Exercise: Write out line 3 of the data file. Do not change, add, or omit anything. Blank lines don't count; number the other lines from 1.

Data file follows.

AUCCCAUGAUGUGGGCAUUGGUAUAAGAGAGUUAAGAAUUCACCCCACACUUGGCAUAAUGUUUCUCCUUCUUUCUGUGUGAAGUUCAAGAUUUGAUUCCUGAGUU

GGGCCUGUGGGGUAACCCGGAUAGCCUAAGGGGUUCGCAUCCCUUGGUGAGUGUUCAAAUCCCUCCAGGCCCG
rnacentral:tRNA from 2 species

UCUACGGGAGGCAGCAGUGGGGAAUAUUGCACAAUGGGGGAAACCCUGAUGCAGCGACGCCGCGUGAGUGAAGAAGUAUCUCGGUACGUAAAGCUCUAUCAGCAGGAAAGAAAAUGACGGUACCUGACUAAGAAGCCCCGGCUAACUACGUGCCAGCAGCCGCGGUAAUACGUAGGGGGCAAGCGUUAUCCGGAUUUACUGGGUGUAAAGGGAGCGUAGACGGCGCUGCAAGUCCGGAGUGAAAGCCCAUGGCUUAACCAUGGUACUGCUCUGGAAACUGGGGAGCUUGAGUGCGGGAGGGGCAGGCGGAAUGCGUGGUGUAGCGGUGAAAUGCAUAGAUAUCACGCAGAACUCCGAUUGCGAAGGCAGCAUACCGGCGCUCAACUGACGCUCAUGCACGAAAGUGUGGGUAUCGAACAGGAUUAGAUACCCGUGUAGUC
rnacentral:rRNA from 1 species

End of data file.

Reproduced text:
rnacentral:tRNA from 2 species